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Council turns down handicap parking zone in Meadowbrook

By: Stacie Snow

  |  Posted: Wednesday, Jan 18, 2012 04:03 pm

Airdrie City council turned down a proposed handicap-parking zone on Meadowbrook Drive, Jan. 16. Staff said street parking is considered public and cannot be reserved for any individual resident.
Airdrie City council turned down a proposed handicap-parking zone on Meadowbrook Drive, Jan. 16. Staff said street parking is considered public and cannot be reserved for any individual resident.
Covy Moore/Rocky View Publishing

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City council agreed with the Traffic Advisory Committee (TAC) and did not support the installation of a handicap-parking zone on Meadowbrook Drive, Jan. 16.

On Dec. 5, R. Douglas Herdman asked council to look into the possibility of a handicapped-parking zone in front of his home on Meadowbrook Drive to give his disabled wife access to their house. Herdman asked for the same accommodation from the City in June 2009 and was turned down at that time.

Lorne Stevens, director of community infrastructure, spoke on behalf of TAC.

“TAC has not typically supported the installation of handicap-parking zones for many reasons,” he said.

Residential properties in the City are required to have on-site parking. Stevens said in the case of Herdman’s house, there is a double-car garage accessible from the alleyway that meets the zoning requirement.

“From a philosophical standpoint, the City has long maintained that residential street parking is public parking,” he added.

“To create areas of reserved parking in one area limits the overall use of the street for adjacent residents and creates the expectation of reserved and exclusive parking on a public street in a residential area. To create the perception that there is reserved parking for an individual undermines the fact it is public.”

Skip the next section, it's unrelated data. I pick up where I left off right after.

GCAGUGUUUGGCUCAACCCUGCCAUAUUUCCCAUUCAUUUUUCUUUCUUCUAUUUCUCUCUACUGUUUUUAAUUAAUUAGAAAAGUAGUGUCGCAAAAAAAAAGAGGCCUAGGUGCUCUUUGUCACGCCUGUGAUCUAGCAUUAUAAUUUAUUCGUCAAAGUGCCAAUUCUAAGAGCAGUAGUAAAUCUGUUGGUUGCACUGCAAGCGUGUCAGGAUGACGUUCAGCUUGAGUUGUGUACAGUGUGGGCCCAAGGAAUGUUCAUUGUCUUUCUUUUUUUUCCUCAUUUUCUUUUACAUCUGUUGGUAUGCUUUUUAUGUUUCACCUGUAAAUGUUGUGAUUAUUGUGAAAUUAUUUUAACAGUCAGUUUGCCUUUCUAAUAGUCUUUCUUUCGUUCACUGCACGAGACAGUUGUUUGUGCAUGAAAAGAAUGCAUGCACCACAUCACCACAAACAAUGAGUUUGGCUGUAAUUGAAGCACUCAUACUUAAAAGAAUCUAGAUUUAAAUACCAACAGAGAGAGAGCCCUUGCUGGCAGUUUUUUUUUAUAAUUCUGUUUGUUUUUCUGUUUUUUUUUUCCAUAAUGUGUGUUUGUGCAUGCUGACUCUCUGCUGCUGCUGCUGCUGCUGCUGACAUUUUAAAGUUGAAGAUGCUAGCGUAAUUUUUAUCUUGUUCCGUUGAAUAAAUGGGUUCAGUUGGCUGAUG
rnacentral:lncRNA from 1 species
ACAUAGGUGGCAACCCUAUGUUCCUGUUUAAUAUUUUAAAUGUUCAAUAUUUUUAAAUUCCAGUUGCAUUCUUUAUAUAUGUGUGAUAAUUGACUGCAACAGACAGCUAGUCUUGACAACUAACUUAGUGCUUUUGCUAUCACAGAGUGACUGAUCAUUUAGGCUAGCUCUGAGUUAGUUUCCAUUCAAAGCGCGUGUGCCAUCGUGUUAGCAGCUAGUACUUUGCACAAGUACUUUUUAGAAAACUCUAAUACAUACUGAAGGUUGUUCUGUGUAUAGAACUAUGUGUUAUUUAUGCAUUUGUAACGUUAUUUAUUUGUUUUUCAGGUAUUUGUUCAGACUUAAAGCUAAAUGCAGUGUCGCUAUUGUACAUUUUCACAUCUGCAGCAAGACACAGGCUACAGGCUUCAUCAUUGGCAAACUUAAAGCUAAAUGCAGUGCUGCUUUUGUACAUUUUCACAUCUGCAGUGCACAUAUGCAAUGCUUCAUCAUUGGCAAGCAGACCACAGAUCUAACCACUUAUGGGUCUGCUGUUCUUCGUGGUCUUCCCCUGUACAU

Stevens said even if a handicap parking space was created on the street, anyone with authorized handicap placard is able to park there; it is not for the specific benefit or exclusive use of a particular individual.

“Based on discussions with other municipalities who have implemented some form of handicap-parking zone in residential areas, administration and enforcement of such a program can be problematic,” he said.

“Issues with removal of handicap parking zones well after the original applicant had moved on were also cited as being problematic.”

Lastly, Stevens said TAC believes it is safer for a resident to access their vehicle on their own for the purposes of loading and unloading as it removes all external influences and potential hazards such as traffic, pedestrians and bicycles.

“For these reasons and also with due regard to Mr. Herdman’s concerns about speeding traffic on Meadowbrook Drive while accessing his vehicle, TAC did not support the installation of a handicap parking zone in front of (his house),” he said

“In a city of ‘Community and Opportunity,’ it’s a matter of respect,” said Herdman after hearing a handicap-parking stall would not be placed outside his home.

He said his garage is used for a shop and his wife does not feel comfortable driving down the alley.

“I’m struggling with the fact that there is onsite parking at the residence,” said Alderman Allan Hunter.

“I could support (creating a handicap-parking spot) if there were no other options or if it was an undue hardship, but not as it is.”

Herdman said Hunter misidentified what an undue hardship is.

“It is not up to the sick person to define an undue hardship,” he said.

Herdman said he has no plans to appeal the City’s decision.


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